Alcohol Intake is Associated with Increased Risk of Squamous Cell Carcinoma of the Skin: Three US Prospective Cohort Studies

Satu Siiskonen, Jiali Han, Tricia Li, Eunyoung Cho, Tamar Nijsten, Abrar Qureshi

Research output: Contribution to journalArticle

3 Scopus citations


The association between alcohol intake and cutaneous squamous cell carcinoma (cSCC) is unclear. We studied the association between alcohol intake and incident invasive cSCC in three cohorts of women and men with repeated assessments of alcohol intake in the US. Information on alcohol intake was collected repeatedly during follow-up. Cumulative average of alcohol intakes was used. Multivariable Cox proportional hazards models with time-dependent exposure were used to estimate relative risks (RRs) and 95% confidence intervals, followed by a meta-analysis. During a follow-up of 4,234,416 person-years, 2,938 cSCC were identified. Alcohol intake was associated with an increased risk of cSCC with a dose-response relationship. Each additional drink (12.8 gram of alcohol) per day was associated with a 22% increased risk of cSCC (RR 1.22, 95% confidence interval: 1.13–1.31). White wine consumption of ≥5 times/wk was associated with an increased risk of cSCC (RR 1.31, 95% confidence interval: 1.09–1.59). We found no increased risk of cSCC with other alcoholic beverages. The population-attributable risk associated with alcohol intake of ≥20 grams/d was 3% of cSCCs. In conclusion, alcohol intake was associated with an elevated risk of cSCC. Among alcoholic beverages, white wine was associated with cSCC.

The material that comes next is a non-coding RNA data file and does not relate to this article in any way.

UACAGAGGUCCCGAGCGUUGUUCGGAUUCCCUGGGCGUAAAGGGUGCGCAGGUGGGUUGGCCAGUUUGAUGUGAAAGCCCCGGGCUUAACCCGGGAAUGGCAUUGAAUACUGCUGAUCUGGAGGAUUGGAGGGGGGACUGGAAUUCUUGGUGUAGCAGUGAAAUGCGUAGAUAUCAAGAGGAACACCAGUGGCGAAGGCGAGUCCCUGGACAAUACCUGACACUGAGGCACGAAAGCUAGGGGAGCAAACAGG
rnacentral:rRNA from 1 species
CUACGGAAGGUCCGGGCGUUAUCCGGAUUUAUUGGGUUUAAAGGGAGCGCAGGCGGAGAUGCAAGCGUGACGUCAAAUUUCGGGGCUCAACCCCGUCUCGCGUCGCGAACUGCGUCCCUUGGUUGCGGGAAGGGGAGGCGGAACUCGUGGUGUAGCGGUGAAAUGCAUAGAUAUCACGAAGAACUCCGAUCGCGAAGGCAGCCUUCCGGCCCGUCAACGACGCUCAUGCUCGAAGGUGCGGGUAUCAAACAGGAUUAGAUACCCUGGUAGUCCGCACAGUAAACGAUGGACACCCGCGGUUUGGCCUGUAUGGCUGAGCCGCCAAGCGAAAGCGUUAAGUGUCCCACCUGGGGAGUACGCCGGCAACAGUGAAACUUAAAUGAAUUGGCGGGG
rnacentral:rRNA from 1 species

Original languageEnglish (US)
Pages (from-to)545-553
Number of pages9
JournalNutrition and Cancer
Issue number4
StatePublished - May 18 2016


ASJC Scopus subject areas

  • Medicine (miscellaneous)
  • Oncology
  • Nutrition and Dietetics
  • Cancer Research

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